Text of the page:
I quote from Shakespeare's Richard II . A curious production of it now graces Paul Green Theater. The press material from the show hastily disavows any emphasis on the political, claiming instead that Shakespeare's interests in the fall of the Angevin Plantagenet were primarily psychological.
And Shakespeare does plumb the psyche of the monarch--but primarily in act five, we'll argue, by which time Richard is a king no longer. Before that we're largely left to scratch our heads at how a man can seem too clever by half, while his acts still compose a primer in how to lose a kingdom through political, economic and social incompetence.
First, spend your government into a ferocious deficit on foreign, dilatory wars. Solve that problem by upending the status quo. Suspend the civil and economic rights your society is built on--heredity and succession--by banishing opponents, seizing their lands and wealth. When chaos threatens at home, preoccupy yourself with other countries.
Ignore the common man, and mock those who don't. Throughout all, be proud and stubborn. Don't just conflate any critique on your leadership as an attack against country and God--assert all three are roughly interchangeable. Imagine your swift wit--and advisors--will get you out of any jam. When all else fails, rule through fear and divine right.
Before Richard's incarcerated self-inventory in the final act, arguably the sharpest passage in Richard II contrasts the true patriotism of the dying John of Gaunt (in his famous "This England" speech) with Richard's near-Nixonian pragmatics in the scene before. Clearly politics involve a mix of cynicism and deep belief. To the degree Shakespeare probes his characters' minds, it's to get at the psychology of rule, entitlement and politics.
Chandler Williams effectively presents a Richard whose smirking wit and elegance only briefly hide a contempt for all lessers. An invented prologue tips us to the guilty party in the dispute between Anthony Hagopian's Bolinbroke and Jeffrey Blair Cornell's Mowbray, without providing the context of the death of Gloucester.
Kenneth P. Strong's recital of the troubled devotions cited above moves us as John of Gaunt, while Danika Williams' performance is too thin as Richard's Queen. Elsewhere, as the Duchess of York, Tandy Cronyn is curiously directed to seek the king's pardon for her son in comic relief.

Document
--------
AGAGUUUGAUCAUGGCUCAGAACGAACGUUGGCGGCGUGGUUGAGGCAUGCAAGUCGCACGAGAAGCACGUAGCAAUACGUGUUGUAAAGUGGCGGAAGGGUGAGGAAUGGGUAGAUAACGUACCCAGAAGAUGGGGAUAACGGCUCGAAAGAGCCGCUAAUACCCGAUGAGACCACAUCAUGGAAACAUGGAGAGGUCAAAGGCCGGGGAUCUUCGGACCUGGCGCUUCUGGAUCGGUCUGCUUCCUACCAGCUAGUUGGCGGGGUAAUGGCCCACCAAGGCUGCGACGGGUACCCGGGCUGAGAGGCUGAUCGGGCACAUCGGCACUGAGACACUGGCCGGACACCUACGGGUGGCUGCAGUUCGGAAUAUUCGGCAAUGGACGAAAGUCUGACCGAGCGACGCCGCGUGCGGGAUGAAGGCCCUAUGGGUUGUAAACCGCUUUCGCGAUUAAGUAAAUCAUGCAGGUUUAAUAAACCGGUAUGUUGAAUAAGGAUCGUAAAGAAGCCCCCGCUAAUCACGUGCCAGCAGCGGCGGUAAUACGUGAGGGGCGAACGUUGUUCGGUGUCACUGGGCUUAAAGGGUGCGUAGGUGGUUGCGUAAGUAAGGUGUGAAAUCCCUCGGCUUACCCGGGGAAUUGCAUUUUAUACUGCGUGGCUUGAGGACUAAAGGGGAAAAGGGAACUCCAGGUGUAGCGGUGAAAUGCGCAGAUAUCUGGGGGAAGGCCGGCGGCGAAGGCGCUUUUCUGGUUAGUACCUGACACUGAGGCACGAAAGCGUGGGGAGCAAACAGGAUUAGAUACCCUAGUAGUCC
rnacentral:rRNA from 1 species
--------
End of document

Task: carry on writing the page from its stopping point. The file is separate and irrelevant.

We're struck at the end by the utter waste of all in Richard's world. When an immature king ignores his subjects' rights and wields arbitrary power, sewing warfare abroad and discord at home, his thin legacy is one of catastrophic waste: of time and hope, of human potential, of a land's resources and of lives in battle. Those are the cautionary lessons. For both that time and this.
Equally psychological--and political, and all things in between--is Naomi Wallace's harrowing drama In the Heart of America , now running at Raleigh Ensemble Players. In the playwright's at-times confusing time warp of memory, loss and desire, the Vietnam War melts into Desert Storm I on Joe Brack's set of angled platform and taut fabric. As events unfold, two women attempt to track down the soldiers who connect them to deep loss. Fairouz, a Tennessean daughter of Palestinian immigrants, seeks the enlisted man who might have been the last love of her lost brother, Remzi. The enigmatic Lue Ming looks for a clean-cut soldier boy from an earlier time, a lieutenant by the name of Calley.
We meet the ones they seek--in real time and in memory, or the most speculative of hallucinations, as an enigmatic Special Forces man from Phnom Penh winds up in the Persian Gulf, training two raw recruits in interrogation. But this bizarre work ultimately embodies the incompletion each character on stage sustains as a result of war. The five characters stretch, pull and occasionally breach an obscure fabric membrane to get a message through, but at the end loss still reigns supreme.